Is Our Planet Getting Cooked?

Nov 11, 2015 By Anita R
Anita R's picture

It is official! 2015 will be the warmest on record since temperature record-keeping began in 1850.

Last week, the United Kingdom's Met Office released their findings that showed average surface global temperatures had exceeded more than one degree Celsius. The amount of carbon dioxide (CO2) in our atmosphere will also for the first time, exceed 400 parts per million in 2015. 

Climatologists are very concerned at the speed of global warming. They had targeted a one degree Celsius rise in temperatures only by the year 2020.  It puts the world at the halfway mark to the internationally agreed warming target, of two degrees Celsius a lot earlier than expected. 

Why Is A 2 Degree Celsius Rise Concerning?

Temperature increase can cause glacier melt and rise in sea levels. Its effect can be catastrophic as we already see flooding in low-lying and island nations.

Global warming also has consequences for food and water security, infrastructure, ecosystems, health and can cause frequent and intense extreme weather. 

A two-degree rise by the year 2100 seemed a realistic target as it would give us time to make adjustments to cool our planet. But the speed of temperature rise could mean rethinking our strategies - quickly. Meanwhile. rising sea levels could soon put heavily populated cities such as New York, Calcutta, and Shanghai at high risk.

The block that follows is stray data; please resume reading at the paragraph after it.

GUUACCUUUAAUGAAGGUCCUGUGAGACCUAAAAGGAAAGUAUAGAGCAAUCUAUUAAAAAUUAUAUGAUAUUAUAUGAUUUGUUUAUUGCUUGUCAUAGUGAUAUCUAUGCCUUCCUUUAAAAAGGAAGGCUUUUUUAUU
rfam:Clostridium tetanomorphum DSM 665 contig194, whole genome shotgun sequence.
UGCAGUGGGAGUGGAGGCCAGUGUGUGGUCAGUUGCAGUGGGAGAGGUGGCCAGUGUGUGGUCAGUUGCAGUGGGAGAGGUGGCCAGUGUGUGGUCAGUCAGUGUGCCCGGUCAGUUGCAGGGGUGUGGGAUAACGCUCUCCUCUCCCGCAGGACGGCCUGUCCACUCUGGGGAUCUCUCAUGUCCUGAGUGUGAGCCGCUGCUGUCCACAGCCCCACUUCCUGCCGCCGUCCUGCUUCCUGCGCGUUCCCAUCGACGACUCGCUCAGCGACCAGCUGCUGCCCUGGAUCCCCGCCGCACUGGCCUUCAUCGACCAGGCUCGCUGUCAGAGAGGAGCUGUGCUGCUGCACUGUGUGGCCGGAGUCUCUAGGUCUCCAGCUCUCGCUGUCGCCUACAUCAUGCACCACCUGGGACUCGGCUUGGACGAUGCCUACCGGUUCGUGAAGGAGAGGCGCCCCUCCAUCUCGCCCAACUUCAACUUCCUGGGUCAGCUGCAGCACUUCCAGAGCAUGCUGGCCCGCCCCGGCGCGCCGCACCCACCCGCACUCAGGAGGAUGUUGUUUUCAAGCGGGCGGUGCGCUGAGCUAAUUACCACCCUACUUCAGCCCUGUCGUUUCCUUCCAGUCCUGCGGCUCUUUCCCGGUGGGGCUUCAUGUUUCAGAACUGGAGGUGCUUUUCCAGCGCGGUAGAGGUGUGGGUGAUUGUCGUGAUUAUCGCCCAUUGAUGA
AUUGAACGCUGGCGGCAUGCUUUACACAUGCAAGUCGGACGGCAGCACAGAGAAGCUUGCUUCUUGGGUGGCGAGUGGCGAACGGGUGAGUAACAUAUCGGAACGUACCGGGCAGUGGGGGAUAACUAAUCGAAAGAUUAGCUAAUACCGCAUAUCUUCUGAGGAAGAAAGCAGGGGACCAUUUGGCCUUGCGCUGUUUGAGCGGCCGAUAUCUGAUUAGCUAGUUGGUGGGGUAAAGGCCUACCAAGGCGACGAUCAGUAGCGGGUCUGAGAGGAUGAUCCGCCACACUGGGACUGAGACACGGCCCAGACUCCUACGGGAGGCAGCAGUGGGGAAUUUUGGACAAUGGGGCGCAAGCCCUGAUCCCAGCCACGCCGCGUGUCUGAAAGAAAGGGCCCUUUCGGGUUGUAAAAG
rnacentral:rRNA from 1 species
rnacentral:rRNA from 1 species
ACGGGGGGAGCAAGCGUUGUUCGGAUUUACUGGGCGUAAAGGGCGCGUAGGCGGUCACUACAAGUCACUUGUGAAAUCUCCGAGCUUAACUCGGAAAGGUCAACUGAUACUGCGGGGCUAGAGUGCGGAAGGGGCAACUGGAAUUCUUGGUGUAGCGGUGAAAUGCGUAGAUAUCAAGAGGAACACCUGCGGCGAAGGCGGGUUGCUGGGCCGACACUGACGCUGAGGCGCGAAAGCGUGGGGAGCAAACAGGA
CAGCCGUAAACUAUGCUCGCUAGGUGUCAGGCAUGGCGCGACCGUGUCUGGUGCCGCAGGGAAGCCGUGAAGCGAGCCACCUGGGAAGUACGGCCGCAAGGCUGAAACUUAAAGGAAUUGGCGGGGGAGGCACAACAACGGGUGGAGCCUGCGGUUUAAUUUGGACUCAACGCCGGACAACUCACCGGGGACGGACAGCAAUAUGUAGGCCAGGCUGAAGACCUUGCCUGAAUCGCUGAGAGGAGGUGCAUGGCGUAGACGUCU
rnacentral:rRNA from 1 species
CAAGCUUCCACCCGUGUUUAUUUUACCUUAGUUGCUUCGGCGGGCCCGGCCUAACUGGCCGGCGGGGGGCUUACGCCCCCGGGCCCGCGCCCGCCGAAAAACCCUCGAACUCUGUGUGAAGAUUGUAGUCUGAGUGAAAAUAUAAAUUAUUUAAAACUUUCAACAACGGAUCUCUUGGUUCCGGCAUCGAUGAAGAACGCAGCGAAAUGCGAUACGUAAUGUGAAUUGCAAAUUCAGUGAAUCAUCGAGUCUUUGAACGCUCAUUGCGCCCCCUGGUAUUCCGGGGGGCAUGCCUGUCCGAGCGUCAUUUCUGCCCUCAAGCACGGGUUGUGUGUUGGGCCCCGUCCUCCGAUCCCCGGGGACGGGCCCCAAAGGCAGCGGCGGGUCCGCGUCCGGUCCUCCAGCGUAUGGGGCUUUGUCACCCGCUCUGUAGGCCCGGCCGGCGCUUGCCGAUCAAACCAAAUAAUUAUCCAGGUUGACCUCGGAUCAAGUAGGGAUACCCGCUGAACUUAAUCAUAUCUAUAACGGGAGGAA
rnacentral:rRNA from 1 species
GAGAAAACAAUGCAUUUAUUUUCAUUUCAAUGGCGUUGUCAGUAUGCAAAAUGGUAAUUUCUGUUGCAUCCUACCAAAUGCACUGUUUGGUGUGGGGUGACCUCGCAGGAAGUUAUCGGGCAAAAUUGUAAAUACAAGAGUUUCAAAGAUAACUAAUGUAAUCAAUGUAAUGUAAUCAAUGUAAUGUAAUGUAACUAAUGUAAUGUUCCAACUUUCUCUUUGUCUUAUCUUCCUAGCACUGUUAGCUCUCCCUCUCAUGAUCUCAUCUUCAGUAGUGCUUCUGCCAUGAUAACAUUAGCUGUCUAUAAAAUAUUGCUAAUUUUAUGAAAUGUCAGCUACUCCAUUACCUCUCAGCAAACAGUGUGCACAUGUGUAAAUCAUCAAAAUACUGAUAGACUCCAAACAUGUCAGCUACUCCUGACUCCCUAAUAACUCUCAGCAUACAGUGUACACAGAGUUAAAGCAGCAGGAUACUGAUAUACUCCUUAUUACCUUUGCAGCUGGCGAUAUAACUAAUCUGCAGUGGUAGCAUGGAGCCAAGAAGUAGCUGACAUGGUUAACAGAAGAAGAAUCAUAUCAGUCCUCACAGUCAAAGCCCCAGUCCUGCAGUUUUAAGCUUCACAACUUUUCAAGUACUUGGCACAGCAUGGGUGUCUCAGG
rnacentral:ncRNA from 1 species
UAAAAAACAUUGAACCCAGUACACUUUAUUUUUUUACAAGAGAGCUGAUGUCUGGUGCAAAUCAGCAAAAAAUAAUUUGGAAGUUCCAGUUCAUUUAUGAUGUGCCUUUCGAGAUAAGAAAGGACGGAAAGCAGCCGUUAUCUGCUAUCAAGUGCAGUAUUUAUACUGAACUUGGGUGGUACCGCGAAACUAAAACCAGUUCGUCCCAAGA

Greenhouse Gases - The Threat

According to the UK MET office, the increase of CO2 in the atmosphere is responsible for 85% of the temperature increase (see notes). CO2 gets released into the atmosphere when we burn fossil fuels to run our industries, cars, and vehicles.

Thankfully, half the CO2 that we emit is absorbed by plants, trees, land, and the oceans. The unabsorbed gases are still sufficiently large to cause concern. Meanwhile, we are cutting down precious forests that absorb excess carbon from the atmosphere. 

Reducing global emissions is not an easy task. It will require a coordinated effort from all nations. Developed nations such as USA, Germany, and Australia will have to pledge emission cuts by as much as 25-40%. Countries such as India and China that have a large population and growing industry, have to become efficient so that they leave a smaller greenhouse gas footprint. Everybody must take a pledge and stick to it.

As world leaders gather in Paris to debate the state of earth's climate, in early December, global warming will be the burning issue. For the sake of our planet, it is important that nations put politics aside and make realistic promises to ensure our planet stays hospitable for future generations.  

Courtesy: BBC. Others